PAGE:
When the Reformation broke apart the European church, for the first time a great diversity of religious belief and practice began to coexist. This, of course, caused tension and ultimately violence, as war and persecution resulted. But this experience with diversity ultimately changed religious faith.

    Diarmaid MacCulloch, in his magisterial history of the Reformation, writes that "It is possible to argue that the most significant contribution of the two Reformation centuries to Christianity was the theory and practice of toleration, although it would also be possible to argue that the contribution was inadvertent and reluctant."

    We have tried to be honest in our commemoration of this historic event. While honoring the high points, we have not neglected the dark side. The most troubling aspect of Martin Luther's own life was his rabid anti-Semitism, expressed in writing near the end of his life. Earlier this year Fred Nielsen borrowed this volume from the collected writings of Luther, which Fred had donated to this church from his own father's pastoral library. After reading Luther's work against the Jews, Fred sent me a message, "Not good, not good at all. We knew that already, of course, but to actually read it."

    MacCulloch stated simply, "Luther's writing of 1543 is a blueprint for the Nazis' Kristallnact of 1938."

    Fortunately Luther's anti-Semitism did not go unchallenged even in his lifetime. Andreas Osiander, the Protestant pastor in Nuremberg, wrote against anti-Semitism. And the major Lutheran bodies have since faced this despicable part of their heritage, confessed their sin, and sought reconciliation.

 

    Through a long and troubled history, we have learned toleration, pluralism, and inclusion. We have even come to understand that more is expected of us than mere tolerance; hospitality toward others is an expression of God's love.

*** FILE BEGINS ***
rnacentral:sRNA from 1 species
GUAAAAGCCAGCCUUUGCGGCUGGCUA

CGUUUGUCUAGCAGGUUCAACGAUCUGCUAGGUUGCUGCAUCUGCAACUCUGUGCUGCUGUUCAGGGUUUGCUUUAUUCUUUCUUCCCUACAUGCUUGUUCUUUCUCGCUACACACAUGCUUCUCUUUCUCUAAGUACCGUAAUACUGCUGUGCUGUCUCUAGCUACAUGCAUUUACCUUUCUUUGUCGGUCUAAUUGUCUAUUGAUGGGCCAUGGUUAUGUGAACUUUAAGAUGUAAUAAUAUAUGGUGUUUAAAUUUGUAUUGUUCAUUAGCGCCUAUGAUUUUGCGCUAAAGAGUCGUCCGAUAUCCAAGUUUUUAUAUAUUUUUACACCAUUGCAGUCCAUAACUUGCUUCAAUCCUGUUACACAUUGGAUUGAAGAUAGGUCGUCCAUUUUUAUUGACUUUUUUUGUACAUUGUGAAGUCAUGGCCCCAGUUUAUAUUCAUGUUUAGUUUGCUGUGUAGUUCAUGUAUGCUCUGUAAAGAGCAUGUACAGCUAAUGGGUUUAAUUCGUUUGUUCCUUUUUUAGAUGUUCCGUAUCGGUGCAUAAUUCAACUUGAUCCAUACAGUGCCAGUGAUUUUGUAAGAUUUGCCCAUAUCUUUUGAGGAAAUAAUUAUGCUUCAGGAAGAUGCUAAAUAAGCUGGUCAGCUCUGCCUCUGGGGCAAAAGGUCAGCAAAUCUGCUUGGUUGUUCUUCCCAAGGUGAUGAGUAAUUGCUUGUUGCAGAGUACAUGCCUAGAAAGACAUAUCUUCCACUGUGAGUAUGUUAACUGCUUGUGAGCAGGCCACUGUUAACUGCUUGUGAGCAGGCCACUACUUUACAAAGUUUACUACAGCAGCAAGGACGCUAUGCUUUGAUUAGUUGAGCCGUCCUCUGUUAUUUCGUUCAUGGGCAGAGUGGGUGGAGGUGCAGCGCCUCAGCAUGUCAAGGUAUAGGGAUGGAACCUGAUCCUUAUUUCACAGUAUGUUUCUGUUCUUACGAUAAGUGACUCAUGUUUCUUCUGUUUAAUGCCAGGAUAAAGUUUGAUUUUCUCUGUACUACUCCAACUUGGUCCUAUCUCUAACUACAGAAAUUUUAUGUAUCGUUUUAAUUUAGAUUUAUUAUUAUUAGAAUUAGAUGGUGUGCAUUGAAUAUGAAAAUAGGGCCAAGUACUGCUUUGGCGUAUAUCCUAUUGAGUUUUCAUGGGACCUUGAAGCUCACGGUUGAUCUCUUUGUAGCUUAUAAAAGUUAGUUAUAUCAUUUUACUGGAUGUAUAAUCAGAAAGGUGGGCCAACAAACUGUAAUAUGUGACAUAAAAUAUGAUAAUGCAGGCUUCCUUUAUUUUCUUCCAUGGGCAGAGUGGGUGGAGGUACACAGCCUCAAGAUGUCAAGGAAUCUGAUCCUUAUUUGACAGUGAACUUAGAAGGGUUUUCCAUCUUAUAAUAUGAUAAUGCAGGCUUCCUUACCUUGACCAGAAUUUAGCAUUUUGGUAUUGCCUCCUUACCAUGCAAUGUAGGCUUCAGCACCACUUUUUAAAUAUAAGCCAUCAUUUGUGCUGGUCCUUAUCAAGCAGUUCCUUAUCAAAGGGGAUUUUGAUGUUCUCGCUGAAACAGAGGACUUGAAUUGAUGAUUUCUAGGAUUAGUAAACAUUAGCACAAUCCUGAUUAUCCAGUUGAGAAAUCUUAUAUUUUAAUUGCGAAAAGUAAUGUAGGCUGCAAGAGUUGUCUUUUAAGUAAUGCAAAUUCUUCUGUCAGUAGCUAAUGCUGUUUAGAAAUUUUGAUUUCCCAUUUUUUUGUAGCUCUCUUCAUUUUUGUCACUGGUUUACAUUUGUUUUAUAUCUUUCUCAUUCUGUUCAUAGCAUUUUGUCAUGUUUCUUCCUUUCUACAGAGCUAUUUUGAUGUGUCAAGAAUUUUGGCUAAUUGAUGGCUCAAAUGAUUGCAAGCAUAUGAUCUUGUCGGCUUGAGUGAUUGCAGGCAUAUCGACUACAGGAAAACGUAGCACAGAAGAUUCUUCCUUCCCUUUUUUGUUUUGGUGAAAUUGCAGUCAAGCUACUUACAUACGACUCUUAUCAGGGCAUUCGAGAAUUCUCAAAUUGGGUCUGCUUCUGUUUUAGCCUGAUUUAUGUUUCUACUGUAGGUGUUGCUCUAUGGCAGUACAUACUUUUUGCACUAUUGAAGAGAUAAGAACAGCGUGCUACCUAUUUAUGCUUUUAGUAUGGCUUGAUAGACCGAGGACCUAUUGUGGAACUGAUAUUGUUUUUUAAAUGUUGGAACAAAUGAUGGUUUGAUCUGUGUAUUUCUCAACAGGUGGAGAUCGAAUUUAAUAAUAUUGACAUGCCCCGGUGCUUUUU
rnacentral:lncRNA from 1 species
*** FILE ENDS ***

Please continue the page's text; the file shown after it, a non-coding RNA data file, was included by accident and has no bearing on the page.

Of course that's what Paul was preaching at the birth of the church. In Romans he wrote that we should not pass judgment on one another but should "pursue what makes for peace, and for mutual upbuilding."

    Fortunately, we don't have to earn God's grace. For if we had to earn it, then our biases, our racism, and our exclusion of others would likely get in the way of our salvation. Instead, God's grace is more powerful than our sin. Sin and death and racism were defeated when Jesus Christ was raised from the dead and ushered in a new humanity in a new creation.

    Yet, the powers-that-be continue to challenge the way of God in this world. They continue to sow darkness, doubt, and injury. They divide, exclude, and violently oppress. The Risen One stands to rebuke them. This is not the way of God. It is the way of sin. It is the path to hell.

    We will not be thwarted by their failed philosophies and false doctrines, because we share in the power of the Risen One. We too have been raised with Christ.

Let us make it our habit then to

include the outcast

    liberate the oppressed

    seek justice for the poor

    heal the suffering

    give of ourselves with humility

    be compassionate toward all in a

    community based upon forgiveness and reconciliation

    and be the instruments of God's peace in a world of violence.

    

That's the Good News. Thanks be to God.


Islam & Reformation

You often hear that Islam needs something like western Christianities Reformation.  This good article from The Atlantic disagrees.  It reminds us that the 16th century Ottoman Empire was more religiously tolerant than most of the European Christian states.  And its analysis is that the current state of the Muslim world is closer to that of post-Reformation Europe, when there has been great division leading to sectarian violence.  The article argues that what Islam needs is a John Locke or a Moses Mendelssohn, not a Martin Luther, its own version of the Enlightenment.

Here is the closing paragraph:

If the Protestant Reformation teaches us anything, it is that the road from religious fracturing to religious tolerance is long and winding. The Muslim world is somewhere on that road at the moment, and more twists and turns probably await us in the decades to come. In the meantime, it would be a mistake to look at the darkest forces within the current crisis of Islam and to arrive at pessimistic conclusions about its supposedly immutable essence.